It is impossible to love and be loved while filled with a toxic sense of fear and shame.
Fear, Shame, Hiding, and Blame: God and The Terrible, Horrible, No Good, Very Bad Day, by Sue Stratton
We must overcome these four deeply rooted response patterns to become all that we are created to be. We must somehow return to the Garden from whence we came.
Of course God is present in all of his creation all of the time, but this is different. I tell my college students: God is ‘in your face’ present!
Millennials are by far the least likely age group to be aware of Lent—but, interestingly, they are more likely than average to say they are planning to fast.
The world is always going to be dangerous, and people get badly banged up, but how can there be more meaning than helping one another stand up in a wind and stay warm?
A story is a narrative about a single character who must overcome some sort of conflict in order to solve a very specific problem.
We can’t escape the pain, darkness, and brokenness of a fallen world, neither can we escape the beauty of Christ’s transforming life. Through the 40 days of lent we acknowledge this, in us, and around us.
As artists and as theologians (for make no mistake, we are all living out some form of theology making us all theologians) we need to be less sure of being “right” and more secure in taking the risk to say, “I don’t know. Let’s explore this.”
The doctor’s intimate association with his own creation (the octopus-like apparatus) was assumed in order to effect transformation; but the sad result is that the apparatus has changed him. What about us?
I’ve been thinking a lot about Lent this year and wondering how best to walk through the next seven weeks. I know people who are giving up Twitter, chocolate, and a long list of self-indulgent or addictive activities and foods. As I’ve reflected, I’ve decided to give up prayer for Lent.
February 22, 2015
Tonight the Academy of Motion Picture Arts and Sciences will award the 2015 Best Picture, yet the academy missed most of these “Deep Culture” Impact films. Will this year’s winner one day join this august company?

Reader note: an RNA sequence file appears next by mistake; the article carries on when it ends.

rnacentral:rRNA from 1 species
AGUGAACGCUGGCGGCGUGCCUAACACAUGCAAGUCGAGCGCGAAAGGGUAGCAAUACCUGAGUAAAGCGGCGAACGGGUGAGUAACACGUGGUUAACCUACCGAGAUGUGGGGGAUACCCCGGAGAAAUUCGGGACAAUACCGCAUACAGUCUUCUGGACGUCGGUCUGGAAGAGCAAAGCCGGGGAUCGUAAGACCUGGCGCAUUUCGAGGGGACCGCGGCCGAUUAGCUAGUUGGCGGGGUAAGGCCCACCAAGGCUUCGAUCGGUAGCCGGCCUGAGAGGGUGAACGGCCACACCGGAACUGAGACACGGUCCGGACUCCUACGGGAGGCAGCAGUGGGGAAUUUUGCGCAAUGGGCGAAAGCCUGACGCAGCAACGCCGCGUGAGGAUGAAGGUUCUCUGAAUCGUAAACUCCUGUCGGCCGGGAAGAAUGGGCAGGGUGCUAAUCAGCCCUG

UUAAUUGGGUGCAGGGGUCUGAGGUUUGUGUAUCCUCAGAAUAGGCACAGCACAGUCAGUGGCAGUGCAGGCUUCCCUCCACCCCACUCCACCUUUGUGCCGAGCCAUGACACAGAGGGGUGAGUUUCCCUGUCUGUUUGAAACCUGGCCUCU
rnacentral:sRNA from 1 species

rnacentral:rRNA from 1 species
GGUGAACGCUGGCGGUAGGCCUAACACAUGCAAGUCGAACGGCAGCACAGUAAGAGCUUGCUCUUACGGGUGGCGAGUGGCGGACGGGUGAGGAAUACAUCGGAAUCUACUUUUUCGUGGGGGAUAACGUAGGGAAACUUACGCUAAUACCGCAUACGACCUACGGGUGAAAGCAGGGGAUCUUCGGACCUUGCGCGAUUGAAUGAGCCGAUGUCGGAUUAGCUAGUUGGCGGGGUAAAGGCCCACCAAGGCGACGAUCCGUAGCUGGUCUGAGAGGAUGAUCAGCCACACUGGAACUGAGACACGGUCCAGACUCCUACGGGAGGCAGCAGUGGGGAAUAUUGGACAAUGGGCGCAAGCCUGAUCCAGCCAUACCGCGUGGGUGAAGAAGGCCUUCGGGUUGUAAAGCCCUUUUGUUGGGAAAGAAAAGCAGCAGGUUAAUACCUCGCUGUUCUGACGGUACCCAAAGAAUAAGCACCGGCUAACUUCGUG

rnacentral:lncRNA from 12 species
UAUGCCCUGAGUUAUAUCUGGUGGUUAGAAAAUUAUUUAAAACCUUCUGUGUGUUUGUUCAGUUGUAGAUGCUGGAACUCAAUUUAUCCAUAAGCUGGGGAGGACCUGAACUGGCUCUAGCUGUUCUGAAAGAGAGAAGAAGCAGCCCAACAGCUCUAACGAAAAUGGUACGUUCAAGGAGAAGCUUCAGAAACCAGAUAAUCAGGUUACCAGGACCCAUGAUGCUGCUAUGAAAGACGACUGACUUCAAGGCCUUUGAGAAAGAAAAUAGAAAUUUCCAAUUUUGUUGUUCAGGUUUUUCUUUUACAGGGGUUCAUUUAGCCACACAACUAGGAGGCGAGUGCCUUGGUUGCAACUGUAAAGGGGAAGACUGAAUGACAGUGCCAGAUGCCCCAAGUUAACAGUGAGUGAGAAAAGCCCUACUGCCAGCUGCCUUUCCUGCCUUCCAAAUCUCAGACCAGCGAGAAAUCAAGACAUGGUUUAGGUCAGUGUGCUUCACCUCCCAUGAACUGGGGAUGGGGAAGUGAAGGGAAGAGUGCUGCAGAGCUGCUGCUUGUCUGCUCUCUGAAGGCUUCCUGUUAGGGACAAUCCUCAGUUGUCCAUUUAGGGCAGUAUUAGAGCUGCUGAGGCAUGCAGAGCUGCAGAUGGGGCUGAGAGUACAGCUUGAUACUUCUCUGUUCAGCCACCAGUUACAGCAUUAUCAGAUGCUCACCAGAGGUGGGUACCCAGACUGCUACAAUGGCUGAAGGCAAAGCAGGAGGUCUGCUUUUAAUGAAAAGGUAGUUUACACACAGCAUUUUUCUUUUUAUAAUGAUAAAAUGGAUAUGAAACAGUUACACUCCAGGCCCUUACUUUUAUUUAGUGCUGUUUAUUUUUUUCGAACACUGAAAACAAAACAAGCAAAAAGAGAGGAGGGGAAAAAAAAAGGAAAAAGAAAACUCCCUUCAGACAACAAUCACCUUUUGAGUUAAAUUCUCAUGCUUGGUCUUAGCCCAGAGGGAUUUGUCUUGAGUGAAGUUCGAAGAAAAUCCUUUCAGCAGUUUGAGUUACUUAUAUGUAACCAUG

One helpful (but fallible) way to estimate ‘deep culture’ impact is to look for films that have achieved success what at what Hollywood sometimes calls the “double bottom-line.”
Unfortunately, most Academy voters aren’t like the Hollywood Reporter’s Scott Feinberg who recently opined: “I try to vote in a way so that, in 50 years, people aren’t going to go, ‘Huh?!'” In fact, history reveals that, when it comes to picking the film future audiences will recognize as truly great 50 years from now, Oscar voters nearly always miss the mark. Here’s why.
Our largely subconscious values and belief system grows out of our unique life story and profoundly influences our life strategy. Yet it is so deeply tied to our identity it can be extremely difficulty to detect, even in ourselves. Still, it is possible to at least catch a glimpse… if you know where to look.
We have multitudes of professing Christians who well may be ready to die, but obviously are not ready to live, and can hardly get along with themselves, much less with others.
At first glance, the concept of Embodied Cognition looks more like some new whackadoodle academic program than serious research. But could it be scientific evidence for an ancient Christian practice?
The surfer doesn’t create the waves, but her board puts her in a position to catch their energy. In the same way, spiritual disciplines don’t create the transforming power of God, but they do put us in a position to catch it.